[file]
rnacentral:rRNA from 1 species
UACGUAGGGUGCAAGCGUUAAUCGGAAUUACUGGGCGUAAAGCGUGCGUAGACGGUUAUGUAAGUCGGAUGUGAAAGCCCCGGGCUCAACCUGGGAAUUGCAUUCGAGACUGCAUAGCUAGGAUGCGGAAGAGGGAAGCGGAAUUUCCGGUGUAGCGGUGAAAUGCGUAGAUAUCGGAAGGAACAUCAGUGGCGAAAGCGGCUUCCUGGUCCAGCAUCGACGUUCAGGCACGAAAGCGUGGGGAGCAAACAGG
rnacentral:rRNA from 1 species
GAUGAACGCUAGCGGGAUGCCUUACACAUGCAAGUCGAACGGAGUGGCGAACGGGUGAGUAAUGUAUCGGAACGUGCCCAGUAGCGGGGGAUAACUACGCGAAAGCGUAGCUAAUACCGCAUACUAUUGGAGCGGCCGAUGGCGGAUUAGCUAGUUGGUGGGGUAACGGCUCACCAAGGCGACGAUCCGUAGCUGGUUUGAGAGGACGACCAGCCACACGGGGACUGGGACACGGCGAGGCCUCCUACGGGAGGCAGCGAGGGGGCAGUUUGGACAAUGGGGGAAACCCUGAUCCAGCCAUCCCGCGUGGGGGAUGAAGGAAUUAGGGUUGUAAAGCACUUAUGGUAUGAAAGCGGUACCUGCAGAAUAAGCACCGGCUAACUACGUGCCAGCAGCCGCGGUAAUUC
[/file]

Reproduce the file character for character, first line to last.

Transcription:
rnacentral:rRNA from 1 species
UACGUAGGGUGCAAGCGUUAAUCGGAAUUACUGGGCGUAAAGCGUGCGUAGACGGUUAUGUAAGUCGGAUGUGAAAGCCCCGGGCUCAACCUGGGAAUUGCAUUCGAGACUGCAUAGCUAGGAUGCGGAAGAGGGAAGCGGAAUUUCCGGUGUAGCGGUGAAAUGCGUAGAUAUCGGAAGGAACAUCAGUGGCGAAAGCGGCUUCCUGGUCCAGCAUCGACGUUCAGGCACGAAAGCGUGGGGAGCAAACAGG
rnacentral:rRNA from 1 species
GAUGAACGCUAGCGGGAUGCCUUACACAUGCAAGUCGAACGGAGUGGCGAACGGGUGAGUAAUGUAUCGGAACGUGCCCAGUAGCGGGGGAUAACUACGCGAAAGCGUAGCUAAUACCGCAUACUAUUGGAGCGGCCGAUGGCGGAUUAGCUAGUUGGUGGGGUAACGGCUCACCAAGGCGACGAUCCGUAGCUGGUUUGAGAGGACGACCAGCCACACGGGGACUGGGACACGGCGAGGCCUCCUACGGGAGGCAGCGAGGGGGCAGUUUGGACAAUGGGGGAAACCCUGAUCCAGCCAUCCCGCGUGGGGGAUGAAGGAAUUAGGGUUGUAAAGCACUUAUGGUAUGAAAGCGGUACCUGCAGAAUAAGCACCGGCUAACUACGUGCCAGCAGCCGCGGUAAUUC